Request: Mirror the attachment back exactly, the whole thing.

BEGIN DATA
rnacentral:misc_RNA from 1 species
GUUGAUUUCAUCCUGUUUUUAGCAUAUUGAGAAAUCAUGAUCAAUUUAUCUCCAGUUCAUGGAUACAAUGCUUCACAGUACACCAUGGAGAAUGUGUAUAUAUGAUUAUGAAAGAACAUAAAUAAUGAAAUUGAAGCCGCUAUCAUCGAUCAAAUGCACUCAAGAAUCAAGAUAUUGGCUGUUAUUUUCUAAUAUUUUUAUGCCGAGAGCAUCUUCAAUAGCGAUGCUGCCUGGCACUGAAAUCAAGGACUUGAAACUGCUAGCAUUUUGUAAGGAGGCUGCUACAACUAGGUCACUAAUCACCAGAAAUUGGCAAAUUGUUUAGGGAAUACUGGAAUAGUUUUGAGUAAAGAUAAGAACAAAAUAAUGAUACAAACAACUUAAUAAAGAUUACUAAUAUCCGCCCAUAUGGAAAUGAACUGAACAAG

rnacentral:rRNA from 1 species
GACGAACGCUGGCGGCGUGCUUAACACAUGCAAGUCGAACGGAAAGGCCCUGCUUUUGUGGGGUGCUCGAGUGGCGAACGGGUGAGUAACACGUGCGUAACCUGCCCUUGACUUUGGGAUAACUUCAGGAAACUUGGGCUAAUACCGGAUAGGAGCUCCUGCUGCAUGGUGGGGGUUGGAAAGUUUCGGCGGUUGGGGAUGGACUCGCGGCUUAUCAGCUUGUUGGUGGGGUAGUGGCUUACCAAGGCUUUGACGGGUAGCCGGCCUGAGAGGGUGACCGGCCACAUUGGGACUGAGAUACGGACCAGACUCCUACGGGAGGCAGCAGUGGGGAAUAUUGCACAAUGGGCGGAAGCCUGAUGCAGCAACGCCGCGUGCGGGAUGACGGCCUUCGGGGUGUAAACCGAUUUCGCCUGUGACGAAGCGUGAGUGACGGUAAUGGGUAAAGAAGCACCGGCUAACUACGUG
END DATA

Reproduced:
rnacentral:misc_RNA from 1 species
GUUGAUUUCAUCCUGUUUUUAGCAUAUUGAGAAAUCAUGAUCAAUUUAUCUCCAGUUCAUGGAUACAAUGCUUCACAGUACACCAUGGAGAAUGUGUAUAUAUGAUUAUGAAAGAACAUAAAUAAUGAAAUUGAAGCCGCUAUCAUCGAUCAAAUGCACUCAAGAAUCAAGAUAUUGGCUGUUAUUUUCUAAUAUUUUUAUGCCGAGAGCAUCUUCAAUAGCGAUGCUGCCUGGCACUGAAAUCAAGGACUUGAAACUGCUAGCAUUUUGUAAGGAGGCUGCUACAACUAGGUCACUAAUCACCAGAAAUUGGCAAAUUGUUUAGGGAAUACUGGAAUAGUUUUGAGUAAAGAUAAGAACAAAAUAAUGAUACAAACAACUUAAUAAAGAUUACUAAUAUCCGCCCAUAUGGAAAUGAACUGAACAAG

rnacentral:rRNA from 1 species
GACGAACGCUGGCGGCGUGCUUAACACAUGCAAGUCGAACGGAAAGGCCCUGCUUUUGUGGGGUGCUCGAGUGGCGAACGGGUGAGUAACACGUGCGUAACCUGCCCUUGACUUUGGGAUAACUUCAGGAAACUUGGGCUAAUACCGGAUAGGAGCUCCUGCUGCAUGGUGGGGGUUGGAAAGUUUCGGCGGUUGGGGAUGGACUCGCGGCUUAUCAGCUUGUUGGUGGGGUAGUGGCUUACCAAGGCUUUGACGGGUAGCCGGCCUGAGAGGGUGACCGGCCACAUUGGGACUGAGAUACGGACCAGACUCCUACGGGAGGCAGCAGUGGGGAAUAUUGCACAAUGGGCGGAAGCCUGAUGCAGCAACGCCGCGUGCGGGAUGACGGCCUUCGGGGUGUAAACCGAUUUCGCCUGUGACGAAGCGUGAGUGACGGUAAUGGGUAAAGAAGCACCGGCUAACUACGUG